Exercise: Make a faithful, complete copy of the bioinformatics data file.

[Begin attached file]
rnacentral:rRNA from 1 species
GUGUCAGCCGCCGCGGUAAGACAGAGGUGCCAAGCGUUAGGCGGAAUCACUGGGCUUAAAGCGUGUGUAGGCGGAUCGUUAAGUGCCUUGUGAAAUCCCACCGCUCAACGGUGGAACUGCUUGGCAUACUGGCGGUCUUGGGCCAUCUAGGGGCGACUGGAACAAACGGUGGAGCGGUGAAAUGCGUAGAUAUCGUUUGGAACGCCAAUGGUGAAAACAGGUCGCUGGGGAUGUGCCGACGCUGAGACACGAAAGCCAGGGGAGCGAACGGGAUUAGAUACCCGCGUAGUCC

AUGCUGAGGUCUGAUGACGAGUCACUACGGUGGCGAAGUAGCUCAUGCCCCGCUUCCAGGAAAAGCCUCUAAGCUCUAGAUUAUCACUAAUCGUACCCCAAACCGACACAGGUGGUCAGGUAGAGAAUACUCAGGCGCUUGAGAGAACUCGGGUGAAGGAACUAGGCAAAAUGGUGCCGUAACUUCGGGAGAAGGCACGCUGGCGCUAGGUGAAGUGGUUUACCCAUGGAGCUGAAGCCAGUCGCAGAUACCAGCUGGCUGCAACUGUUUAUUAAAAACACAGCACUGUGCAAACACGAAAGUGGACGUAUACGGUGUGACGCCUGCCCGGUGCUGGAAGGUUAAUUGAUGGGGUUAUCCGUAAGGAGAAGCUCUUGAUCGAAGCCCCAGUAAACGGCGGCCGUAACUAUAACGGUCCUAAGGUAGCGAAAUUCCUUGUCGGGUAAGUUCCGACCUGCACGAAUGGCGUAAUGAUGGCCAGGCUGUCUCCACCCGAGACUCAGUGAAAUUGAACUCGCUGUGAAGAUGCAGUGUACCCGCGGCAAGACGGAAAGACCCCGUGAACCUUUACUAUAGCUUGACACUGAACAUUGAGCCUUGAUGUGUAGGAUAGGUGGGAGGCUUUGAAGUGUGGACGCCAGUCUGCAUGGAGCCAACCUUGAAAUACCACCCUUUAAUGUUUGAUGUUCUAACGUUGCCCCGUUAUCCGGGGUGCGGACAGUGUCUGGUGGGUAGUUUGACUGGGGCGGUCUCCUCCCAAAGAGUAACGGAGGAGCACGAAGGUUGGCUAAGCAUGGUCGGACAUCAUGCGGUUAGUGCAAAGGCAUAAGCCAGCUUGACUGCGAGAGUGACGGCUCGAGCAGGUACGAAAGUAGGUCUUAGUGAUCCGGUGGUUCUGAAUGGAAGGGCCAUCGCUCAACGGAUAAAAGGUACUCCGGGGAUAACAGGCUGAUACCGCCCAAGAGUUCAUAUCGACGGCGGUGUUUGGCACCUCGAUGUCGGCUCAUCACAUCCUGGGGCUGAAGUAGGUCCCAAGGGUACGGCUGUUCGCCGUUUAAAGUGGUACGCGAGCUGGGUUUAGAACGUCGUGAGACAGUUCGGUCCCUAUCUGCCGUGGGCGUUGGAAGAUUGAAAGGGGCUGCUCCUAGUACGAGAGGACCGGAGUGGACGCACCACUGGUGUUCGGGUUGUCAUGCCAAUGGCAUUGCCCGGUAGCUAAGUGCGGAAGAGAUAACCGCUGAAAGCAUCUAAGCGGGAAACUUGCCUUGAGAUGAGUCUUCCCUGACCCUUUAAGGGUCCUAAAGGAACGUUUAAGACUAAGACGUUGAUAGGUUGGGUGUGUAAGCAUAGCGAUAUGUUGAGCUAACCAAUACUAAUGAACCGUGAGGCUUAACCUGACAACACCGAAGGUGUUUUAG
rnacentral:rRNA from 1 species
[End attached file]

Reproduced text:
rnacentral:rRNA from 1 species
GUGUCAGCCGCCGCGGUAAGACAGAGGUGCCAAGCGUUAGGCGGAAUCACUGGGCUUAAAGCGUGUGUAGGCGGAUCGUUAAGUGCCUUGUGAAAUCCCACCGCUCAACGGUGGAACUGCUUGGCAUACUGGCGGUCUUGGGCCAUCUAGGGGCGACUGGAACAAACGGUGGAGCGGUGAAAUGCGUAGAUAUCGUUUGGAACGCCAAUGGUGAAAACAGGUCGCUGGGGAUGUGCCGACGCUGAGACACGAAAGCCAGGGGAGCGAACGGGAUUAGAUACCCGCGUAGUCC

AUGCUGAGGUCUGAUGACGAGUCACUACGGUGGCGAAGUAGCUCAUGCCCCGCUUCCAGGAAAAGCCUCUAAGCUCUAGAUUAUCACUAAUCGUACCCCAAACCGACACAGGUGGUCAGGUAGAGAAUACUCAGGCGCUUGAGAGAACUCGGGUGAAGGAACUAGGCAAAAUGGUGCCGUAACUUCGGGAGAAGGCACGCUGGCGCUAGGUGAAGUGGUUUACCCAUGGAGCUGAAGCCAGUCGCAGAUACCAGCUGGCUGCAACUGUUUAUUAAAAACACAGCACUGUGCAAACACGAAAGUGGACGUAUACGGUGUGACGCCUGCCCGGUGCUGGAAGGUUAAUUGAUGGGGUUAUCCGUAAGGAGAAGCUCUUGAUCGAAGCCCCAGUAAACGGCGGCCGUAACUAUAACGGUCCUAAGGUAGCGAAAUUCCUUGUCGGGUAAGUUCCGACCUGCACGAAUGGCGUAAUGAUGGCCAGGCUGUCUCCACCCGAGACUCAGUGAAAUUGAACUCGCUGUGAAGAUGCAGUGUACCCGCGGCAAGACGGAAAGACCCCGUGAACCUUUACUAUAGCUUGACACUGAACAUUGAGCCUUGAUGUGUAGGAUAGGUGGGAGGCUUUGAAGUGUGGACGCCAGUCUGCAUGGAGCCAACCUUGAAAUACCACCCUUUAAUGUUUGAUGUUCUAACGUUGCCCCGUUAUCCGGGGUGCGGACAGUGUCUGGUGGGUAGUUUGACUGGGGCGGUCUCCUCCCAAAGAGUAACGGAGGAGCACGAAGGUUGGCUAAGCAUGGUCGGACAUCAUGCGGUUAGUGCAAAGGCAUAAGCCAGCUUGACUGCGAGAGUGACGGCUCGAGCAGGUACGAAAGUAGGUCUUAGUGAUCCGGUGGUUCUGAAUGGAAGGGCCAUCGCUCAACGGAUAAAAGGUACUCCGGGGAUAACAGGCUGAUACCGCCCAAGAGUUCAUAUCGACGGCGGUGUUUGGCACCUCGAUGUCGGCUCAUCACAUCCUGGGGCUGAAGUAGGUCCCAAGGGUACGGCUGUUCGCCGUUUAAAGUGGUACGCGAGCUGGGUUUAGAACGUCGUGAGACAGUUCGGUCCCUAUCUGCCGUGGGCGUUGGAAGAUUGAAAGGGGCUGCUCCUAGUACGAGAGGACCGGAGUGGACGCACCACUGGUGUUCGGGUUGUCAUGCCAAUGGCAUUGCCCGGUAGCUAAGUGCGGAAGAGAUAACCGCUGAAAGCAUCUAAGCGGGAAACUUGCCUUGAGAUGAGUCUUCCCUGACCCUUUAAGGGUCCUAAAGGAACGUUUAAGACUAAGACGUUGAUAGGUUGGGUGUGUAAGCAUAGCGAUAUGUUGAGCUAACCAAUACUAAUGAACCGUGAGGCUUAACCUGACAACACCGAAGGUGUUUUAG
rnacentral:rRNA from 1 species